Skip to Content

How to Revive a Dying Hedge — In 3 Simple Steps

How to Revive a Dying Hedge — In 3 Simple Steps

Hedges are one of the go-to landscaping species to create a beautiful boundary around your property.

But, what happens when your hedges dry out and begin dying? 

How do you revive a dying hedge? Is it even possible?

Read on below to discover just that!


How to Revive Dying Hedge

Reviving a dying hedge is possible if you detect the issue causing it to die and treat it in time. Knowing what the main cause is, behind dying hedges, is crucial in order to mend them and bring them back to life. Insects, overwatering, underwatering, pH levels and more may need addressing.


1. Detect the Cause 

Before taking any actions to revive your dying hedge, you need to know what the problem with your beloved hedge is, to begin with. If not you, you may just make things worse and cause the hedge to die rather than recuperate. 

Below, we discuss several of the common reasons your hedge may be dying. Hopefully, you’ll be able to recognize the signs and act as needed.


Insect Infestation

Almost everyone who has hedges planted has at least once or twice saved it from dying due to insect infestations. In general, you can treat insects in a few different ways. Washing the plants with soapy water might be helpful if the infestation is light. Insecticides, however, are more effective but can be dangerous and cause damage to plants. 

Treatment hedges for Nematodes is a completely natural technique to deal with insects that are based on infecting the plant with small worms that will eventually eat the insects without harming the plant.

The most common pests on hedges though are Spider mites, and thankfully they are very easy to detect. You will notice spider webs and brown or yellow spots on the leaves. A colony can kill hedges with ease.

The most dangerous and unfortunately not so rare insect that will infest the hedge is wine weevils. Adults eat leaves ďuring the Spring and Summertime. If you don’t treat them the weevils will eat the roots during Winter time and that can cause death of the plant.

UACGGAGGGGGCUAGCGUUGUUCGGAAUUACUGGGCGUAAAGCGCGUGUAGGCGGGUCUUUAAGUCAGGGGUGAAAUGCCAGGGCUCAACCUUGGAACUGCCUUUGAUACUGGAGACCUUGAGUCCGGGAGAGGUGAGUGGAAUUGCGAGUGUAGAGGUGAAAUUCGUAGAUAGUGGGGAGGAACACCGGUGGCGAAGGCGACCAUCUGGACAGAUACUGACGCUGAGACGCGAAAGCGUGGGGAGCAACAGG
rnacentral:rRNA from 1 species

In addition, physically remove as many insects and eggs as possible. Cut of all affected parts and then prune the hedge during fall. A pesticide is an option as well, but organic is the best option. You can also use Steinernema Krausse (little parasites) that you can purchase in garden stores.


Hedges Caught a Disease

Hedges are as sensitive to specific types of diseases as every living being. There are several diseases that attack hedge species. It is very common actually, and if you notice discolored leaves and undeveloped branches, react fast. 

Honey Fungus is spreading through the ground and may cause roots to die. Unfortunately, the only way to treat it is to cut off affected parts of the plant and remove the surrounding soil. It is best to burn them. 

Powdery Mildew is also very often infecting hedges, but not so dangerous. A fungus that looks like white powder will cover the leaves and stems in the late summer or fall. It is not hard to get under control if spotted on time and affects only the surface of the hedges. Your plant will completely recover if you cut off and burn cut leaves and branches in the Autumn.